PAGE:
The dichotomies that are so rife in his work have already been described by Géraldine Zodo in one of her essays. Both artist and spectator, Simon Senn restores the anthropological dimension of man in the context of his socio-political fabric, where he lives and works, accentuating the paradoxes of a society hell-bent on suffocating the roles related to his status as a human being, with his status as an individual, part of a system, with its functions. Established in the eighteenth century and capable of taking from humanism in order to strengthen a cold democratic utilitarianism, this Enlightenment vision vigorously questions the identity of man, of society itself, of a modernity that – ever since the French Revolution – has demarcated the social and the societal dimensions in its transit from domination to psycho-physical control.

It is no coincidence that the artist and the curator met and found common ground in a topic as important as that of the Panopticon, the architectural model and utilitarian school of thought elaborated by Jeremy Bentham (1748-1832) to control diversity, where the concept of parole and discipline determine the modern and contemporary social structure.

On the threshold of the new millennium, Senn strikes a critical pose, contributing to marking the passage from a consumer society to a society of renewal. He does so by putting four installations on show here. L’Hôtel des sapins (2008) is an interactive video work that records a performance that took place in an abandoned building, where six participants (men and women), numbered, hooded and otherwise naked, filmed each other with video cameras, while trying not to be filmed themselves, so each striving to escape from the domination of the others. The reiteration of the various moments of this performance, summarised in a documentary film, enables the public – which has a remote control – to set the various different perspectives of the images being projected, once again bringing in the issue of the freedom to control what we are seeing and at the same time doing.

Meanwhile, the recent work entitled Le bois-des-frères (2009) features the same thematic mechanisms, albeit with different methods and relative to the concept of play: such as therapy and, at the same time the didactics of behaviour.

With Room Nr 15 (2008), Simon Senn has come up with a directly more self-referential topic. The set for the video could be anywhere, a hotel room, a darkroom or a cellar, as it plays skilfully with the relationship between private and public, individual and group, freedom and lack of freedom. A sensual person whose face is censored moves anonymously, followed by a TV camera: ambiguity is also an apt description of how we interpret the work and of insistent voyeurism as one of our society’s leitmotivs. The videos were shot by eight people who were filming while attacking a young man. The apparent autonomy and self-determination of both action and actor and our (in)ability to observe what we see in the media and image communication bring us back to the increasingly aestheticising mystification of the means of information and to their ability to influence the world of our perceptions.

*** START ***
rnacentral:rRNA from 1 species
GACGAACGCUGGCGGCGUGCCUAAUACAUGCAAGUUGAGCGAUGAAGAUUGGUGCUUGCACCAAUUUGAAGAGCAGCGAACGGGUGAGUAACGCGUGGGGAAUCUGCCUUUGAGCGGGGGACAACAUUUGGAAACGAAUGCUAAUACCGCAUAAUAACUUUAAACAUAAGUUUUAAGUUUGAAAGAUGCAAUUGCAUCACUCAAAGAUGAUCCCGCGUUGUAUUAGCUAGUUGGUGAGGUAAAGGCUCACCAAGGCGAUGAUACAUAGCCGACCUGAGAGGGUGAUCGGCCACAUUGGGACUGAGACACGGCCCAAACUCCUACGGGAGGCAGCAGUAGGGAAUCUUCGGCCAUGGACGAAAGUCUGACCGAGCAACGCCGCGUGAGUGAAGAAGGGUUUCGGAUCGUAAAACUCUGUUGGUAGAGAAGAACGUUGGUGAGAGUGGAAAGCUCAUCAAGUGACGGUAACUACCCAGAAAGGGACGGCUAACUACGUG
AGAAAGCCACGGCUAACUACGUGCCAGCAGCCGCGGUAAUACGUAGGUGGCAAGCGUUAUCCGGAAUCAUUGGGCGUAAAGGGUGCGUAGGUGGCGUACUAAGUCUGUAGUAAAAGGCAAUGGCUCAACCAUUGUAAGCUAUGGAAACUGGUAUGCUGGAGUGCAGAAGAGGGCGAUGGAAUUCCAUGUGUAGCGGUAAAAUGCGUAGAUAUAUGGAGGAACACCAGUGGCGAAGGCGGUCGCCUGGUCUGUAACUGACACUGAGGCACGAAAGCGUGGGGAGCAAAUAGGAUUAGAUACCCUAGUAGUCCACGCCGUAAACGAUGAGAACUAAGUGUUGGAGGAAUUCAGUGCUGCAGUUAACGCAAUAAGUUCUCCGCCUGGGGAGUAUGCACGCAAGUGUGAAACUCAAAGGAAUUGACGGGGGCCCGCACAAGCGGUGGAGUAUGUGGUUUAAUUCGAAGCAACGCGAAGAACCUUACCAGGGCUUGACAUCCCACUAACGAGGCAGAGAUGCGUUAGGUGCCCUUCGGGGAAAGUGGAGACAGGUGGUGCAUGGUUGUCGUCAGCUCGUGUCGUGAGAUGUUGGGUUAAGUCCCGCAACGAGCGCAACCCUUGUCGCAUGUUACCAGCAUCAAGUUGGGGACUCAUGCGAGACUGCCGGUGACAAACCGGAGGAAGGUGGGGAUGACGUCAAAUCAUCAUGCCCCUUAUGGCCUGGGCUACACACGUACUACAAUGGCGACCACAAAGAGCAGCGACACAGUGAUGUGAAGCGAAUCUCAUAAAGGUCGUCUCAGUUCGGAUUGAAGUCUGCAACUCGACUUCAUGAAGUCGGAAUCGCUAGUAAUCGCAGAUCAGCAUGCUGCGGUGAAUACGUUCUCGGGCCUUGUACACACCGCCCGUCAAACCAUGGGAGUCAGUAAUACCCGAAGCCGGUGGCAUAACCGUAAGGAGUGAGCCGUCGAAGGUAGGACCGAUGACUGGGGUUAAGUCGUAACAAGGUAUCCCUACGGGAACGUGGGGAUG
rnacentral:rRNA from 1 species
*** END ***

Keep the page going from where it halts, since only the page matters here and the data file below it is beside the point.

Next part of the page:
Pascale Birchler, Saskia Edens, Simon Senn
Galerie Nicola von Senger
Text by Alexandra Gmür

In his works, Simon Senn deals with human behavior and interaction patterns. His explorations of group dynamics and individual behavior take place in a context defined by the artist. The specific context usually seeks to emphasize aspects of societal settings in such a way that, in combination with the deployed means of recording, behaviors are being accentuated, if not radicalized. Thus, through the aesthetic dimension of his works, Simon Senn inevitably touches the controversial area of tension between ethic and aesthetic. The video L’hôtel des sapins (2008) shows six young people in an abandoned building, naked except for their covered face, numbered and each of them equipped with a video camera. The sole instruction given by the artist to each of them was that they must try to film the other persons without being seen by the other moving cameras. The fact that all the protagonists are wearing a mask and the abandoned, cold and partly snow-covered terrain bring up associations of a danger zone, of violence and terrorism. By their faces being covered the people involved have hidden a great part of their identity, created distance, but simultaneously, they are naked and vulnerable. Besides the six cameras of the protagonists, four other non-moving cameras were filming the scene. The ten resulting videos were precisely synchronized and edited into one interactive video, in which the spectator can navigate between the different viewpoints with a remote control. To some extent, the interactive viewing allows for a time- independent participant observation of complex interactions, role negotiation and mutual perception. At the same time, the playful hide-and-seek contrasts with the cold, oppressive reality of the environment and refers to the overall composition of the artwork as a metaphor for what’s happening on the web, for a virtual reality with all its consequences for the “naked” and true reality. Watching the video evokes mixed emotions: The fascinations of looking at it from the research perspective of a social scientist to succumbing to voyeurism, while constantly being tempted to escape into a virtual video-game-world.

Simon Senn’s films deal with human behavior and patterns of interaction. His explorations of group dynamics and individual responses take place in contexts defined by the artist, including an artist’s talk, a friend’s bedroom and a South African housing project. Through his deliberately candid filming technique and other interventions Senn reveals and heightens existing tensions within a given social setting.